Personally I loathe passive crossovers with a venom it is hard to put into words; it is only my reviewing role that keeps them in my system so often. The claimed 106dB sensitivity of the B&C DE400TN would allow them to be driven by a tiny flea powered 2A3 SET or similar if you decide to opt for an active crossover (there are many inexpensive pro audio crossovers that will be superior to the most expensive audiophile passive crossover). Then bass can be handled by something with more oomph.

If you use an active crossover, the likely alignment will be 24dB/8ve (fourth order) in phase (constant summed amplitude) and you can play with the crossover frequency from a lower limit of 1200Hz to an upper limit defined by the cone break up of the chosen bass units.

With this tweeter's excellent dispersion characteristic, an MTM driver arrangement would be ideal. MTM equals mid-tweeter-mid, a vertical array of drivers with the bass-mid at the bottom, the treble unit in the centre and the other bass-mid unit above that. This will produce an ideal wavefront minimising vertical dispersion, which will in turn minimise early floor and ceiling reflections, depending on the distance between the bass-mid drivers. It will maintain horizontal dispersion at whatever the driver can manage at the chosen crossover frequency.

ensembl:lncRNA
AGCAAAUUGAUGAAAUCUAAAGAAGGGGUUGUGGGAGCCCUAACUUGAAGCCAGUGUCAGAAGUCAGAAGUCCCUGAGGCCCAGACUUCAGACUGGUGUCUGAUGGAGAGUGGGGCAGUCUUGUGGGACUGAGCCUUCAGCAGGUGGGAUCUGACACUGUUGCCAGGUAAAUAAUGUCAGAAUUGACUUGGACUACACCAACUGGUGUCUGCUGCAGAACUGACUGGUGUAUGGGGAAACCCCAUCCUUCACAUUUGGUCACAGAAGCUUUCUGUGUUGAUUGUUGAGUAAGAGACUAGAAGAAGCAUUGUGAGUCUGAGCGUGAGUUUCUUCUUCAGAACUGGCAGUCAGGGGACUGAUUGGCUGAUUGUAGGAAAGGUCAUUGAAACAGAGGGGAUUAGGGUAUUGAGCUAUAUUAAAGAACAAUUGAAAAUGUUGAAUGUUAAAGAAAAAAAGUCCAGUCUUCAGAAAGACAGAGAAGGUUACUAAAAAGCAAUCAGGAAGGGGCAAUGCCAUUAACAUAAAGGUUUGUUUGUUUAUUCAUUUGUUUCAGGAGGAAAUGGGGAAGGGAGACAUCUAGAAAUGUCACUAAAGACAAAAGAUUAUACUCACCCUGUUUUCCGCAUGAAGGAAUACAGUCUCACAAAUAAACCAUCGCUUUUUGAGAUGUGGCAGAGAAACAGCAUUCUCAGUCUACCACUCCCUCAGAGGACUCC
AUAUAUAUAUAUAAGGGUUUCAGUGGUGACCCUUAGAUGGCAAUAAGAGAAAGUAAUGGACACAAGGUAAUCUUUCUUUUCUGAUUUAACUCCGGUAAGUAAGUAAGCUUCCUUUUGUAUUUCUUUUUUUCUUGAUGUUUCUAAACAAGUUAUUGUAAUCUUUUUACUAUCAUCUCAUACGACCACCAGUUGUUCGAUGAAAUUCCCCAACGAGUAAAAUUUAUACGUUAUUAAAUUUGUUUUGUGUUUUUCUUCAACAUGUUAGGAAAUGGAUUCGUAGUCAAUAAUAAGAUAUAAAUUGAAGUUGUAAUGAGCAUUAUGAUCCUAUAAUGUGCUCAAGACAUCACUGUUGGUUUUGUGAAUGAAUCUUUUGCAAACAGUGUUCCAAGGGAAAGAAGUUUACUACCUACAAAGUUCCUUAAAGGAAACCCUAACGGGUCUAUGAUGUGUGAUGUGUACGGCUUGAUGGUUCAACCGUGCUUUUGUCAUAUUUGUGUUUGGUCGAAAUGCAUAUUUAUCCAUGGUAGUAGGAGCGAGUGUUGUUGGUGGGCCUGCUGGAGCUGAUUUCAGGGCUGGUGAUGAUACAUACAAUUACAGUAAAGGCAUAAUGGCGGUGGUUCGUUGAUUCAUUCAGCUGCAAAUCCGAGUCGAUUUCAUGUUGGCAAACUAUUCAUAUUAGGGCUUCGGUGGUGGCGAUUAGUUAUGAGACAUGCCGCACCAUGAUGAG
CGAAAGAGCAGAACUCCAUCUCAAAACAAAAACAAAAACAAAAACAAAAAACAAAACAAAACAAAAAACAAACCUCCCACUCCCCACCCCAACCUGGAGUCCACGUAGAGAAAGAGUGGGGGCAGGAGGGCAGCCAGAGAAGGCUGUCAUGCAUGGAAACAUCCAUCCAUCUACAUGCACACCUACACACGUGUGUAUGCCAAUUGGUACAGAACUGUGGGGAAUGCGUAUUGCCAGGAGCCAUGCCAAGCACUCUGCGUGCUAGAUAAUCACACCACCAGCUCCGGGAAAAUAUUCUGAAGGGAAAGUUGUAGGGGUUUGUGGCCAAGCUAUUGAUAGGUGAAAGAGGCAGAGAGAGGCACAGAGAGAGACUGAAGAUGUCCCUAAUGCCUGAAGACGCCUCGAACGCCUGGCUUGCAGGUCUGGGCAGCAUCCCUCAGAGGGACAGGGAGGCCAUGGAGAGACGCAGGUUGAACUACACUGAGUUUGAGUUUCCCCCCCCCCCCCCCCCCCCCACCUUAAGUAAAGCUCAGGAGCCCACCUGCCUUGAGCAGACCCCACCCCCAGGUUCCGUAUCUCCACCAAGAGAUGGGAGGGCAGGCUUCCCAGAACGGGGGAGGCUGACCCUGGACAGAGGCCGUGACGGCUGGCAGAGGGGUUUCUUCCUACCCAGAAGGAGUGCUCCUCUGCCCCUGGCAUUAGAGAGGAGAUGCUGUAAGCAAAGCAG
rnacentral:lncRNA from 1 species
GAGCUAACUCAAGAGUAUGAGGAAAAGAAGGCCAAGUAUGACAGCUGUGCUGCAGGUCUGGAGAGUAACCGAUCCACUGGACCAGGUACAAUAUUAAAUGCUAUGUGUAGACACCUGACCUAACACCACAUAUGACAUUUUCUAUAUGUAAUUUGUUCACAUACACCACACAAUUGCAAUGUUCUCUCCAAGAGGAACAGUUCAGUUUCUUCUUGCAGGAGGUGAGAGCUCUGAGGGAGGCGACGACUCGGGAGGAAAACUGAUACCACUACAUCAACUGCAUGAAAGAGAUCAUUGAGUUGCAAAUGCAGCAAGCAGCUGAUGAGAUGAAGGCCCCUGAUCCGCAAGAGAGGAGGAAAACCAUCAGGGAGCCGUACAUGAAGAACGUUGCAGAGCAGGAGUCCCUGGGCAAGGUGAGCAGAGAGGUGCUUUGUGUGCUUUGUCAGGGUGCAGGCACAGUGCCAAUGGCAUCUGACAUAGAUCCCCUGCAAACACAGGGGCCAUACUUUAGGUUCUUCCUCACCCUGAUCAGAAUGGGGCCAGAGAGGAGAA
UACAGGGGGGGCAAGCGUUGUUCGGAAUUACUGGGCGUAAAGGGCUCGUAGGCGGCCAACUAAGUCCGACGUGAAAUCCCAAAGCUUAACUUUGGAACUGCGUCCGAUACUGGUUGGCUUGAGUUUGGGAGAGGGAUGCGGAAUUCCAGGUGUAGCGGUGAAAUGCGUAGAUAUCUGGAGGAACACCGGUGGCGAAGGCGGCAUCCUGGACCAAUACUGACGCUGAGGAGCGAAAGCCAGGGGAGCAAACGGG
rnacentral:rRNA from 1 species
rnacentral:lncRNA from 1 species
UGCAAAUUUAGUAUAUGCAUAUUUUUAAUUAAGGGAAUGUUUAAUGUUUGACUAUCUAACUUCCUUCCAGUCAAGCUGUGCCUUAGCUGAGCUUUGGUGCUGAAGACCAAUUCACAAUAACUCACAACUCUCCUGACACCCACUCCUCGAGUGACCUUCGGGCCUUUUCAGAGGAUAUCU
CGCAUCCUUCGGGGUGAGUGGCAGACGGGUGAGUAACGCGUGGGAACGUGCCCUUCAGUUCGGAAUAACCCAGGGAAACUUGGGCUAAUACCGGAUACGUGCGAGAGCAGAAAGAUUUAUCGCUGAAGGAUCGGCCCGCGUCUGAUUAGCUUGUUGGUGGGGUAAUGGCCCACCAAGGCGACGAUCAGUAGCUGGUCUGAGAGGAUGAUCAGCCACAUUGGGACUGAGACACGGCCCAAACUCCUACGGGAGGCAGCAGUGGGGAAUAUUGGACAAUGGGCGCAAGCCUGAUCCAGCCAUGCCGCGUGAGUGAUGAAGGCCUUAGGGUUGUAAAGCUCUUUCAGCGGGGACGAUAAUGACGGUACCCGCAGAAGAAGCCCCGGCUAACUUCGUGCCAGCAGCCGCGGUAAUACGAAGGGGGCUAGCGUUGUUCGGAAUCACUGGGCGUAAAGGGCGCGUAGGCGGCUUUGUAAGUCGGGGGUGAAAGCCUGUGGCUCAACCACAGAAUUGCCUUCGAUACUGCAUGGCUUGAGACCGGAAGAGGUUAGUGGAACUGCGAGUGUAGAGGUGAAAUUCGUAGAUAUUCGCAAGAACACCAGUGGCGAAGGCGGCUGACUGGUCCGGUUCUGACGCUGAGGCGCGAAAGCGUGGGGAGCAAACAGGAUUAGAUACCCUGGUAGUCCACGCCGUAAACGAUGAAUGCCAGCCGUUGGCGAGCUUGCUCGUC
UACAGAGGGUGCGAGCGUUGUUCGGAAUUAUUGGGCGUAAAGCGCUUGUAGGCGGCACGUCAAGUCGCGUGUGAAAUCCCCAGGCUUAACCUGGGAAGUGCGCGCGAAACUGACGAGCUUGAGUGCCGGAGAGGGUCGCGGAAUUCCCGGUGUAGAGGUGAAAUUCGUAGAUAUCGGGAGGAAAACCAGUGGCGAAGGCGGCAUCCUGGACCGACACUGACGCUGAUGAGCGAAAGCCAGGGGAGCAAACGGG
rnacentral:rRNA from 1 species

If you do insist on passive crossovers, in-phase third order 18dB/8ve are often the best compromise between insertion loss and out of passband behaviour. Third order is also magical with MTM arrangements as it produces a true D'Appolito alignment.

How about a 250mm driver above and below the B&C DE400TN, mounted as close as possible to the tweeter? Perhaps load the bass by using side mounted passive or auxiliary bass radiators (ABR) on each side near the floor to drive the room evenly, or a bottom slot port or a true transmission line if you are up to the woodwork?

What do you think? You are well served by loudspeaker parts suppliers in Canada.
Once you start designing your own projects you will never look back!
Happy building,
Mark Wheeler

Miniwatt N3 as power amp
Hi Nick. I enjoyed your review of the Miniwatt N3. Do you think it would be worthwhile to use as a power amp with a Marantz 2226b as preamp? I am looking to test the tube waters.
John - E-mail: signaljw (at)

Hi John,
Simple answer is that I really couldn't say. In theory they should work OK but it depends on the output level of the 2226b as to whether it may clip into the Miniwatt.
Sorry I can't be of more help.
Nick Whetstone

Favorite Class T amps
Hi Nick,